To reveal this pattern more clearly, we computed an object-specificity index for each combination of TMS condition, muscle, and cue type. We divided the average MEP for each object by the average MEP for both objects, and expressed the result as a percentage. Notice that these indices must sum to 100%, and the hypothesis of no object specificity predicts an index value of 50%. Because the index values for the disc and handle are perfectly inversely correlated, we performed ANOVA analysis on the object-specificity index for the disc only, using factors of muscle, cue type, and TMS condition. Only the three-way interaction of these factors was significant (p = 0.003). Follow-up two-way ANOVA showed no effects for 1DI (all p > 0.165), but an interaction between cue type and TMS condition for ADM (p = 0.001). This arose because paired-pulse MEPs in ADM showed greater object specificity in the direction of the subsequent grasp-related EMG activity in visually driven than in the memory-guided condition (paired t test, p = 0.021). Single-pulse MEPs showed a nonsignificant effect in the opposite direction (p > 0.5). To summarize, object-specific MEP facilitation was restricted to paired-pulse TMS stimulation of ADM when the target object was visually designated throughout the period before grasping.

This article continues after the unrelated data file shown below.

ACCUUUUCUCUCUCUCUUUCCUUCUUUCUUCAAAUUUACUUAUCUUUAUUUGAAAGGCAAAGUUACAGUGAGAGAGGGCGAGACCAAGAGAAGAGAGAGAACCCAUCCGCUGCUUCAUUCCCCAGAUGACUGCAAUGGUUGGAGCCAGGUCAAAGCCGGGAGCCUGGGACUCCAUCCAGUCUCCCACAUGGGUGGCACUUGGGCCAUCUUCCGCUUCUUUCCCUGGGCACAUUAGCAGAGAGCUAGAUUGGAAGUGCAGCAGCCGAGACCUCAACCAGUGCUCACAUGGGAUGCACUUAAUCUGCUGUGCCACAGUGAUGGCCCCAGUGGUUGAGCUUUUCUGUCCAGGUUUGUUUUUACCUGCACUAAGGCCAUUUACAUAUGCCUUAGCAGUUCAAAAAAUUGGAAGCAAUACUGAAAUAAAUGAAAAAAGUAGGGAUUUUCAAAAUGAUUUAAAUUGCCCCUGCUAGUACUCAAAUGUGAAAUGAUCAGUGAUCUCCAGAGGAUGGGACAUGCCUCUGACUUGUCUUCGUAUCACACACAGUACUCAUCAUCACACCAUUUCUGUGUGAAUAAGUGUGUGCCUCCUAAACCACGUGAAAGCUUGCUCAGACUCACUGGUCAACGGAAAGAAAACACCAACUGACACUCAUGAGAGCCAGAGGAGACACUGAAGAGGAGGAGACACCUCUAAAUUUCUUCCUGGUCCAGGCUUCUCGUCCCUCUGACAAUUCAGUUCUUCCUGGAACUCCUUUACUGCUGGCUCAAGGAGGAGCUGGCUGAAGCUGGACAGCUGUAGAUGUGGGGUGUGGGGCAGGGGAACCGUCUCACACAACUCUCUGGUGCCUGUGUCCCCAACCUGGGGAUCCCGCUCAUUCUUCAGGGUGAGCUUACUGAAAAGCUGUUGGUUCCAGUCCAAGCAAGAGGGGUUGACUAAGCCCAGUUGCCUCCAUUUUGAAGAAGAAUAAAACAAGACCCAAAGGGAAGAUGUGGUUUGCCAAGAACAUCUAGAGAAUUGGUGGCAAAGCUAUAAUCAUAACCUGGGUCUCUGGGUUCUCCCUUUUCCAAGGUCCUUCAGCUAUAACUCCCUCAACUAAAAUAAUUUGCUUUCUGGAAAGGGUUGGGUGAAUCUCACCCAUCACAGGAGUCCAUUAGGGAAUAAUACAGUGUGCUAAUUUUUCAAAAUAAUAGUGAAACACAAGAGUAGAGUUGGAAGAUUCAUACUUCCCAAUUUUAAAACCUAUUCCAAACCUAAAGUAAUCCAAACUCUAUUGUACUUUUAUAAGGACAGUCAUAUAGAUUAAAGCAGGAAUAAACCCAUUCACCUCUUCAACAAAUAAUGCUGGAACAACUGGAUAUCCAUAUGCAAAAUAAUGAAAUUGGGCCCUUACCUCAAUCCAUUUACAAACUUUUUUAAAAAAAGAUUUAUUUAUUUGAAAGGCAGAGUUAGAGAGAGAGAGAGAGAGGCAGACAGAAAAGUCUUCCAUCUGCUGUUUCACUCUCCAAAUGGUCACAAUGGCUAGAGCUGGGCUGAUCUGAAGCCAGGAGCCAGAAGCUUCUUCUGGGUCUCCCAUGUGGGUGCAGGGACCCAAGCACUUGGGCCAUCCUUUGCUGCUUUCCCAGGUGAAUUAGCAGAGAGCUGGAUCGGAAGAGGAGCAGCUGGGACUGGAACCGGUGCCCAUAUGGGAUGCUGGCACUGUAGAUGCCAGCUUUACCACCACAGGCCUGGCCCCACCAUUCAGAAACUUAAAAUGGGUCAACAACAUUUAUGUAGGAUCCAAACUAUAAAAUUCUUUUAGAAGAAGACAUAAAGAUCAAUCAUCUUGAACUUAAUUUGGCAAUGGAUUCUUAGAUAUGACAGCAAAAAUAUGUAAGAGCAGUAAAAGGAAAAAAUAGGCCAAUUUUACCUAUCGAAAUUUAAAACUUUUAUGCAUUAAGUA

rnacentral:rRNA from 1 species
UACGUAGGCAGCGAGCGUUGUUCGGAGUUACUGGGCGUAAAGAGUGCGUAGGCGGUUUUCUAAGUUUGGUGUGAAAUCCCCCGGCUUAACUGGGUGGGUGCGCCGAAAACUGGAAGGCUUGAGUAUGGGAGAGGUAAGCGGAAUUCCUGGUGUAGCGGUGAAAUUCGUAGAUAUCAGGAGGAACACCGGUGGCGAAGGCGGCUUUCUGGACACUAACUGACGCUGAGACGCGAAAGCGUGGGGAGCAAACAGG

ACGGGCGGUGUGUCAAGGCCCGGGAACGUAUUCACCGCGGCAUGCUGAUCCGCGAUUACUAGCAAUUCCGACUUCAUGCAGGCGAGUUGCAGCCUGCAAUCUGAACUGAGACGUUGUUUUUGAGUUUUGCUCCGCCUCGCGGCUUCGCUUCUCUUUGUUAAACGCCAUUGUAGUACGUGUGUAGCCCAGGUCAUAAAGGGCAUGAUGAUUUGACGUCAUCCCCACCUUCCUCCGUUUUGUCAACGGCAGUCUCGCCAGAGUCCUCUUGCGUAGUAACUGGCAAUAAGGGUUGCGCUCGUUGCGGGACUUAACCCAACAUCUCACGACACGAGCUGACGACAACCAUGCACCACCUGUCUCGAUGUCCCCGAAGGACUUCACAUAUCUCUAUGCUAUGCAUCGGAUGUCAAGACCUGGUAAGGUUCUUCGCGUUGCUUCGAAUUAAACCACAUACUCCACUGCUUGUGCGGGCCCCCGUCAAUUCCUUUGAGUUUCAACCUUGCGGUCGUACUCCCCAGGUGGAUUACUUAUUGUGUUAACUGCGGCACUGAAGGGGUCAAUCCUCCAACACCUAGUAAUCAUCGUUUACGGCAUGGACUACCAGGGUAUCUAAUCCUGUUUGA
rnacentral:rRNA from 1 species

Previously, we suggested that paired-pulse TMS at specific interstimulus intervals reflected excitability of cortical-cortical inputs to the M1 hand area during motor preparation (Cattaneo et al., 2005; Prabhu et al., 2007). In those studies, the object-specific pattern of muscle activity for an impending grasp was related to the pattern of MEP facilitation during preparation. These new results show that this modulation occurs only if the object is specified by current visual input at the moment of grasp initiation. In contrast, when subjects have to remember the target object, even for only 1 s, a different neural network for motor preparation seems to be used, and the relation between MEP facilitation and impending EMG is broken. The patterns of MEP facilitation in our visually guided conditions were again highly object specific, because they were only seen in ADM. This muscle showed object-specific EMG activity in the subsequent grasp, for both visually guided and memory-guided conditions. The modulation involved suppression of the single-pulse MEP in ADM, coupled with a facilitation of the MEP to paired-pulse TMS (Fig. 3) in visually guided conditions only. Our result suggests that the predictive relation between MEP facilitation and muscle activity applies only in specific sensory conditions of sustained visual input. Crucially, these sensory conditions are consistent with the known properties of the dorsal visuomotor stream in general, and the premotor cortex in particular. Therefore, our result is consistent with the view that paired-pulse MEP facilitation reflects interactions between PMC and MI (Cattaneo et al., 2005), although it does not conclusively prove that PMC is involved.